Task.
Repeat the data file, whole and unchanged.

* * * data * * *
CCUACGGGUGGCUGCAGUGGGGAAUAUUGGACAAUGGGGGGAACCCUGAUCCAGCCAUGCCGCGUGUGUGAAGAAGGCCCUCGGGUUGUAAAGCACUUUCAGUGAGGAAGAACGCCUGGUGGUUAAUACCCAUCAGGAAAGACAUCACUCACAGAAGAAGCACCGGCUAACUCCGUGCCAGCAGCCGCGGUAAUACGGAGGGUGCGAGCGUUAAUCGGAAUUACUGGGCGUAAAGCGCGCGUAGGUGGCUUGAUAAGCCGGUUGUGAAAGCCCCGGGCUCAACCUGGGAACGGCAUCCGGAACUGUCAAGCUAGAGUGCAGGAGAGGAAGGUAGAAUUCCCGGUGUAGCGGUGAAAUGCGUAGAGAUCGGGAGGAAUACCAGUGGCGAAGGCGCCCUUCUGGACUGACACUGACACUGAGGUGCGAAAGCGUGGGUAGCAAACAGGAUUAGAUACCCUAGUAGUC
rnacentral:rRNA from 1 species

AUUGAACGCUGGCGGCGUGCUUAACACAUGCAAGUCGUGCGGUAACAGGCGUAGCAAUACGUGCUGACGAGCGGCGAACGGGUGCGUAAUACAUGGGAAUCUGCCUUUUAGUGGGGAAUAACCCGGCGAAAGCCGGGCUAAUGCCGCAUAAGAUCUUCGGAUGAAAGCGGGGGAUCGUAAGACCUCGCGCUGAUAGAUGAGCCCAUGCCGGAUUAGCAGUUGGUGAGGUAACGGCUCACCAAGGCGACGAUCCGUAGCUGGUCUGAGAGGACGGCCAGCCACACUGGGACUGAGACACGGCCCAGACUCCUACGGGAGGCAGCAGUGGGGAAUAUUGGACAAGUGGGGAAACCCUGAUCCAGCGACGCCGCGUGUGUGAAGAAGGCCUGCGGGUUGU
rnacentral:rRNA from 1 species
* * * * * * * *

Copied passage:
CCUACGGGUGGCUGCAGUGGGGAAUAUUGGACAAUGGGGGGAACCCUGAUCCAGCCAUGCCGCGUGUGUGAAGAAGGCCCUCGGGUUGUAAAGCACUUUCAGUGAGGAAGAACGCCUGGUGGUUAAUACCCAUCAGGAAAGACAUCACUCACAGAAGAAGCACCGGCUAACUCCGUGCCAGCAGCCGCGGUAAUACGGAGGGUGCGAGCGUUAAUCGGAAUUACUGGGCGUAAAGCGCGCGUAGGUGGCUUGAUAAGCCGGUUGUGAAAGCCCCGGGCUCAACCUGGGAACGGCAUCCGGAACUGUCAAGCUAGAGUGCAGGAGAGGAAGGUAGAAUUCCCGGUGUAGCGGUGAAAUGCGUAGAGAUCGGGAGGAAUACCAGUGGCGAAGGCGCCCUUCUGGACUGACACUGACACUGAGGUGCGAAAGCGUGGGUAGCAAACAGGAUUAGAUACCCUAGUAGUC
rnacentral:rRNA from 1 species

AUUGAACGCUGGCGGCGUGCUUAACACAUGCAAGUCGUGCGGUAACAGGCGUAGCAAUACGUGCUGACGAGCGGCGAACGGGUGCGUAAUACAUGGGAAUCUGCCUUUUAGUGGGGAAUAACCCGGCGAAAGCCGGGCUAAUGCCGCAUAAGAUCUUCGGAUGAAAGCGGGGGAUCGUAAGACCUCGCGCUGAUAGAUGAGCCCAUGCCGGAUUAGCAGUUGGUGAGGUAACGGCUCACCAAGGCGACGAUCCGUAGCUGGUCUGAGAGGACGGCCAGCCACACUGGGACUGAGACACGGCCCAGACUCCUACGGGAGGCAGCAGUGGGGAAUAUUGGACAAGUGGGGAAACCCUGAUCCAGCGACGCCGCGUGUGUGAAGAAGGCCUGCGGGUUGU
rnacentral:rRNA from 1 species